There is no denying the superb quality of architectural design displayed at the London 2012 Olympic Park. A mammoth effort has gone into showcasing both international and domestic design talent and the speed at which it can be achieved, with more than a sprinkling of ingenious sustainable alternatives across the site.
As the deadline of the world’s largest sporting event draws ever closer, pressure has begun to mount on the organisational team and the Olympic Delivery Authority (ODA) has resolutely being broadcasting the official line that the construction is both on time and on budget. But the other core objective, the all important legacy, seems to have slipped under the carpet.
But cracks in this perfect facade began to show this weekend as BBC Radio 4 reporter Allan Urry interviewed a number of stakeholders and decision makers for the Games in a series of lively question and answer sessions on the Olympic Legacy.
One particularly enlightening exchange between Urry and Hugh Robertson, Minister for Sport in the Government Department for Culture, Media and Sport saw Robertson accuse his interviewer of laying ‘traps’ in order for him to expose the real financial figures for the Games.
While Robertson did reveal that the official figure of £9.3bn was supplemented by £2bn of private investment it was left to former National Audit Office employee Pam Stapleton (now a Professor of Accountancy at the University of Manchester’s Business School) to divulge that the complete package will include data included in the financial records of the host boroughs, London’s emergency services, the National Health Service (NHS) and various governmental departments. It is only when these figures are added up that we will be able to analyse whether the UK’s public purse really is getting value for money.
Money woes aside the most astonishing revelation of Urry’s assessment was the lack of occupied space post-Games. That the Olympic Stadium still lacks a private owner has been highly publicised (following a drawn-out contest between West Ham and Tottenham Hotspur football clubs which eventually fell through under legal wrangling) but the latest disclosure is that the one million square foot Media Centre also remains tenant-less.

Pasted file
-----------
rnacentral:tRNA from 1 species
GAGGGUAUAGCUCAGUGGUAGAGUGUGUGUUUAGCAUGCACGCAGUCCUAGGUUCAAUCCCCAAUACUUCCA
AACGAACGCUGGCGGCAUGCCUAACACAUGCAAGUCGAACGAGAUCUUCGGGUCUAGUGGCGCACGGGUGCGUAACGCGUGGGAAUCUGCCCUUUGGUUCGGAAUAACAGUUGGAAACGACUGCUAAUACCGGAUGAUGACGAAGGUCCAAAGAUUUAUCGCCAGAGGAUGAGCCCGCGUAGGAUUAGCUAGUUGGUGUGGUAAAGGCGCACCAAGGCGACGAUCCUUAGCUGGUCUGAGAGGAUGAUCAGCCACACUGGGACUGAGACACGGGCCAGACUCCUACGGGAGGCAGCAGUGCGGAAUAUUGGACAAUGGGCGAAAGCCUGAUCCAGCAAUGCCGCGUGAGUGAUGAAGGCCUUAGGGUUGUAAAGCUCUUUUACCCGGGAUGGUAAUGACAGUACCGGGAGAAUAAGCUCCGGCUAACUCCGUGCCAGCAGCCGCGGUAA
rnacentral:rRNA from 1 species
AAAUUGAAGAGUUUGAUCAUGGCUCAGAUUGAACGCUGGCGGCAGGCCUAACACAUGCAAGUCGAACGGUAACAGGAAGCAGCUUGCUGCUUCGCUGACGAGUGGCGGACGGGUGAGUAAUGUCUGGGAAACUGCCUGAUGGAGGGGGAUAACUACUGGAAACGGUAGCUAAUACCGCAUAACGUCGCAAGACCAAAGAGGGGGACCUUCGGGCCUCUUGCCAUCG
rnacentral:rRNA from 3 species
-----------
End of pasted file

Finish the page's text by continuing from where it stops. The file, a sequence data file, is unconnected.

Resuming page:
Said to be of similar proportions to Canary Wharf laid flat, the impressive Allies and Morrison-designed building is capable of hosting 20,000 journalists and photographers during the two week event but for London Assembly Member Andrew Boff it is ‘an absolute indictment of the place that we still don’t know what it’s going to be used for’ after the athletes return home. A building of this immense scale has various options for post-Games usage however the LDA is still having trouble tying someone to a contract.
Also on the agenda was a thorough analysis of the much-celebrated Aquatics Centre by Zaha Hadid Architects. Although few can fault the grace and style of this landmark facility, concerns have been raised as to its sensitivity to the Olympic Legacy, with Boff arguing that the building is ‘too large’ and ‘over-designed’ for public use.
Plans are to open up the Centre to the community after the international sporting event with official estimates suggesting annual visitor numbers of 800,000, however with running costs reaching around £2m per annum, it looks like public money will be used to subsidise entrance fees.
The design itself has also come under criticism from Sir Robin Wales, Mayor of the London Borough of Newham who revealed that an offer to fund a conversion from an Olympic standard venue into a leisure pool by the Councils of Newham and Tower Hamlets was rejected in favour of a more ‘iconic’ form, the design of which does not allow for the insertion of slides and other leisure equipment.
Once again the Games’ organisers were struck down for their short-sighted decision making process and commissioning of certain forms that are better suited to the two-week sporting competition than the decades of public use that follow.
There is little argument over the extraordinary showcase of architectural talent displayed at the Olympic Park and at no point does Urry suggest that the structures are unfit for their immediate purpose as host venues for the two week Olympic Games. What he does is indicate some concerning statistics regarding the potential expenditure of the organisational bodies overseeing the construction of the Park and highlight the pitfalls of the previously celebrated London 2012 Olympic Legacy. Whether these will come to fruition we have only to wait and see.